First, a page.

Tea Life

How to Steep Tea without Instructions

You just found an old bag of tea, or your friend gifted you some special tea, but there are no steeping instructions. Do not fret, steeping without instructions is easy if you know what to look for. IDENTIFY THE CATEGORY OF TEA: What kind of tea do you have? Green, oolong, red, etc. Different categories of tea require different water temperatures. If the leaves are green and small, you are looking at green tea. If the leaves are covered in small white hairs, then it is a white tea. If the leaves are green and big or rolled, you have a light oolong. Dark, big and/or rolled leaves are likely charcoal roasted oolongs. Small, dark leaves are red/black tea leaves. (Pu-erh tea and herbal teas will be addressed in another post.) Try your best to categorize in order to find a water temperature to start with: Green- 160^F White- 180^F…

5 Things to Never do to Tea

1. Leaving Dry Tea Leaves Exposed Dry tea leaves should be stored properly. If dry tea leaves are not stored “air-tight and out-of-light” then they will lose their own essence faster as well as take on unwanted aromas and flavors from the surrounding atmosphere. 2. Using Cold Teaware This is the most frequent mistake that people make. It is imperative to heat your tea pot or gaiwan by pouring hot water in, letting the vessel heat up, and then pour out before adding tea leaves. This assures that the temperature of the water added with the tea leaves will not rapidly cool upon entering the vessel. Proper and stable water temperature is required for a smooth and elegant flavor extraction. 3. Using Boiling Water While some teas can handle boiling water, no tea steeps best with boiling water. Remember: 212^F is boiling 205^F is ideal for most teas (oolong, red/black,…

The gathering place: The tradition of teahouses in Asia

Throughout history, teahouses have been a fixture in the life and culture of Asian peoples, particularly Chinese. Like the cafes of Europeans, teahouses were places to enjoy a favorite beverage, consume small snacks, and to gather over tea and socialize — exchanging innocuous gossip or serious news. As their popularity increased, teahouses caught the attention of the Communist party, who worried the gathering places hosted the opportunity for the educated to congregate and instigate rebellious activities. Due to the Communists’ suspicion, teahouses were shut down for over 30 years. Tea farms went fallow when they no longer had an industry to sell their tea into. Today, however, cities across China are once again teeming with teahouses, now graced by government officials and businessmen of every kind. Tea culture extends into spiritual and formal dimensions in the Chanoyu, the tea ceremony of Japan. Here the elite gather to watch the refined…

The art of judging award-winning tea

How are award-winning teas selected? Surprisingly for most people, tea competitions are fun and exciting. Judges typically consist of tea farmers, tea shop owners, and tea scholars. These experts are known for refraining from drinking alcohol and coffee, smoking, eating spicy food, or anything else which could taint their palate. Gathered around a large table, with tasting spoons in hand, the group obnoxiously slurps down countless sips of the same type of tea, crafted by different artisans. Traditionally these teas are oolongs. With greater expertise and experience required for production, oolongs are said to be the “connoisseur’s tea,” containing the most complexity and fragrance. Judges debate taste, aroma, appearances of leaf, and quality of infusions. After several hours of heated debate, with judges literally shouting and screaming at one another, a consensus on which teas deserve which grades is finally reached. Judges award 1st, 2nd, and 3rd place honors. Unlike…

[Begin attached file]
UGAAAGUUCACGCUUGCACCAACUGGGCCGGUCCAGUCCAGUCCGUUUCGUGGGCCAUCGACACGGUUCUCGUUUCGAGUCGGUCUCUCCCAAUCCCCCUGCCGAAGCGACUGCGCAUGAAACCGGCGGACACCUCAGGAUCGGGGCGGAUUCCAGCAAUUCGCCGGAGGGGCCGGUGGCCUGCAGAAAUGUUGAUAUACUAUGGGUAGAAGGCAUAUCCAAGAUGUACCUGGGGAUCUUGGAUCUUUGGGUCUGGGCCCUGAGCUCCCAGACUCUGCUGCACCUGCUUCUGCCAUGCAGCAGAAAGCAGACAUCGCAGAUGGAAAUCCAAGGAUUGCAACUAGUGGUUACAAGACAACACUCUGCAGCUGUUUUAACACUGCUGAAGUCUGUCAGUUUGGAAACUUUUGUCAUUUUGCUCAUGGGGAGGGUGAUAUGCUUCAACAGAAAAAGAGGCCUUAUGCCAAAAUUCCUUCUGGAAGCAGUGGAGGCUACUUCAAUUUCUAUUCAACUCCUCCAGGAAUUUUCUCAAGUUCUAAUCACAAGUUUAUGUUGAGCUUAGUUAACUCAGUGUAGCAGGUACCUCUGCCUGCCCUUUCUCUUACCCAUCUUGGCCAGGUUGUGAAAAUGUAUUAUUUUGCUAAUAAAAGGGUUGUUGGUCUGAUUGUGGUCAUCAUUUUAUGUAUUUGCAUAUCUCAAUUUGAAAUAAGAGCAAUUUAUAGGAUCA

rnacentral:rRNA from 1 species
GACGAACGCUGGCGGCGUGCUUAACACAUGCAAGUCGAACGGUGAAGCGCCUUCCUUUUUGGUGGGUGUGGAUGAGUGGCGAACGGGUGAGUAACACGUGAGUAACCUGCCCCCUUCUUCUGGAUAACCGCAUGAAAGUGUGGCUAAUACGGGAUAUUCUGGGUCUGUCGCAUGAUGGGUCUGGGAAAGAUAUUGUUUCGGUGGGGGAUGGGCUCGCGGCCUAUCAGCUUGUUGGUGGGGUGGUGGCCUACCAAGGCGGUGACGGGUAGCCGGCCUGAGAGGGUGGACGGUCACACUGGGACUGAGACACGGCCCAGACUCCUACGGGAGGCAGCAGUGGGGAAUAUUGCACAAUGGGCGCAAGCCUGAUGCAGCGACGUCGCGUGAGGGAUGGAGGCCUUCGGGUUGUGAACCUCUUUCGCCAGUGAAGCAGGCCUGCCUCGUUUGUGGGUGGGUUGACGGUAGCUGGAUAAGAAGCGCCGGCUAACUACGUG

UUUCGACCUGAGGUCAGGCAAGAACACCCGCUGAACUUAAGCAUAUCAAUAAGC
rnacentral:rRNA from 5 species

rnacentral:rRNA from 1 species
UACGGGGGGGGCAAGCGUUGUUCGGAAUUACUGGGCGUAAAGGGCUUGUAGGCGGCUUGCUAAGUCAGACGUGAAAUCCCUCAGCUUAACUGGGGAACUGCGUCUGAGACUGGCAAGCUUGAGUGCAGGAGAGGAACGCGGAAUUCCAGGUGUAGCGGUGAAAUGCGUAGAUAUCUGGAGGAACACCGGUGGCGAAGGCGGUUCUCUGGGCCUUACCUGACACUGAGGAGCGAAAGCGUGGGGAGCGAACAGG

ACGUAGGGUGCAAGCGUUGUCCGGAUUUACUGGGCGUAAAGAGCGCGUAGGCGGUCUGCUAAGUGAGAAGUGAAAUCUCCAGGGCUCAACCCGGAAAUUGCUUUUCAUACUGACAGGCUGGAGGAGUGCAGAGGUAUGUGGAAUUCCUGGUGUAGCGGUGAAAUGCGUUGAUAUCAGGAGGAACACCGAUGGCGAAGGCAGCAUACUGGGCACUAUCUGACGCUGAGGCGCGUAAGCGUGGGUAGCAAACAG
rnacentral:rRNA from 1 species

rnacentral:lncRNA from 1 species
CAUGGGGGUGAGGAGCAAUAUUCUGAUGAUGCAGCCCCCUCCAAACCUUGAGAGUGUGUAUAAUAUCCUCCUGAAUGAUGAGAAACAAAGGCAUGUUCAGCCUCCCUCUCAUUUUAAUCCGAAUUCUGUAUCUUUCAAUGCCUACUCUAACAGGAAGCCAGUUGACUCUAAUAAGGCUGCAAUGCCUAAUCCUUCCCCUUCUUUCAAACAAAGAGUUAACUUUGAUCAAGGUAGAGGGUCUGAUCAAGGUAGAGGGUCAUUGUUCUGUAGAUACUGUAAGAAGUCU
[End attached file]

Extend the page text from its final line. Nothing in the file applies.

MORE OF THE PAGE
Step into the world of Artisanal Teas

How do you step into the world of artisanal teas? Some of you have experienced whole leaf teas, thinking that as long as it is not fanning in a teabag, you must be drinking artisanal teas. Others feel that there must be a richer experience out there than just scented or blended teas. In reality, the quality level a tea must reach to be considered artisanal is comparable to a restaurant qualifying for the Michelin star. The depth of flavor and breadth of aroma that artisanal teas offer is more than the world of connoisseur wine or cuisine.  Learning how to enjoy this realm is actually quite accessible — just follow these tips and step right in: Choose single origin tea: The great terroirs of the world not only produce the most suitable tea plants,  but have been doing so for thousands of years, and the tea bushes have adapted…

Commonly-used tea terms from Asia

Ming Qian:  Pre-Ming, literally, before the Ching Ming Festival. This is a Chinese term referring to the same grade of leaves as First Flush. Since Ching Ming Festival occurs around April 2nd to 6th of each year, the late March, early April teas are considered the utmost quality, and is priced by the day. The later the date of plucking, the less expensive. Generally, Pre-Ming is a grade designated for green teas like Longjing (Dragonwell), white teas, and some high value oolongs. Cha Qing:  Pronounced Ching (the Q is a ch sound), Cha Qing refers to the raw material green leaves that have just been plucked. It is very important what day, what time, what elevation, which side of the hill, and even who, picked these leaves, which determines the quality and grading and pricing of the finished product. King’s Grade (Cha Wang):  This grade has no solid definition, other…

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